Here’s how it works, folks. I don’t judge on silly things like graphics, music, physics, or what have you… instead, I have chosen 5 categories I personally use to evaluate how good a game is. These are non-comparitive figures mind you, so each game is evaluated by itself. Each category is measured as below average, average, or above average. Keep in mind, an average score isn’t bad! It just means it could have beaten the curve. These categories are as follows:
Gameplay / Control
This is how fluid the game mechanics are and how easily the user interacts with the game. One of the most important things for me is immersion, so anything that tends to break that connection gets rated down. Thus, if the mechanics and interface conflict with the enjoyment of the game or break the suspension of disbelief, then the game will get marked down.
Replayability / Interest
How replayable the game is. Duh! If you do your first playthrough, how likely will you be to pick it back up? Or how much interest the game generates to make you play it. Some games can suck you in for hours, others you put in a little time and you’re done.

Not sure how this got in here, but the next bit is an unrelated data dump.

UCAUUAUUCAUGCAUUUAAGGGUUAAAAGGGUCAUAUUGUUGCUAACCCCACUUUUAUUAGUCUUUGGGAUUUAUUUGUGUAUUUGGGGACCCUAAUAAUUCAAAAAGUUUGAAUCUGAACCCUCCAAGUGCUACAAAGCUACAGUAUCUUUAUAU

A measure of how much the game deviates creatively from the standard. This isn’t necessarily a bad category to be average in. If the series is great and rock solid, then there is little to innovate with, so average is fine. But if it brings something truly special to the table, then we’ve got something amazing!
Style / Art
Everyone gets so caught up with graphics, but eventually we will hit a wall with that… then what? And what of the games that are not focused on super-realism? What of the retro games or indie games? This is why the style, presentation, or artistry is much more important! Things can also be realistic too, but if it doesn’t have a special flavor to it, then what’s the point?
Uncanny Valley Factor
This is a big one for me. Uncanny Valley is the strange effect when something humanoid gets closer to realistic looking, there is a point close to 100% when the warm fuzzy familiar feeling takes a nose dive and you get the willies. You can see this a lot in early CG animation or animatronic human robots with “skin” on them. There’s little to define the feeling other than the willies, or feeling weird, or it looks creepy, or off, or you can even feel disgusted. I have also expanded this definition to include any and all things that break the suspension of disbelief; meaning, if it breaks you immersion, then it’s bad.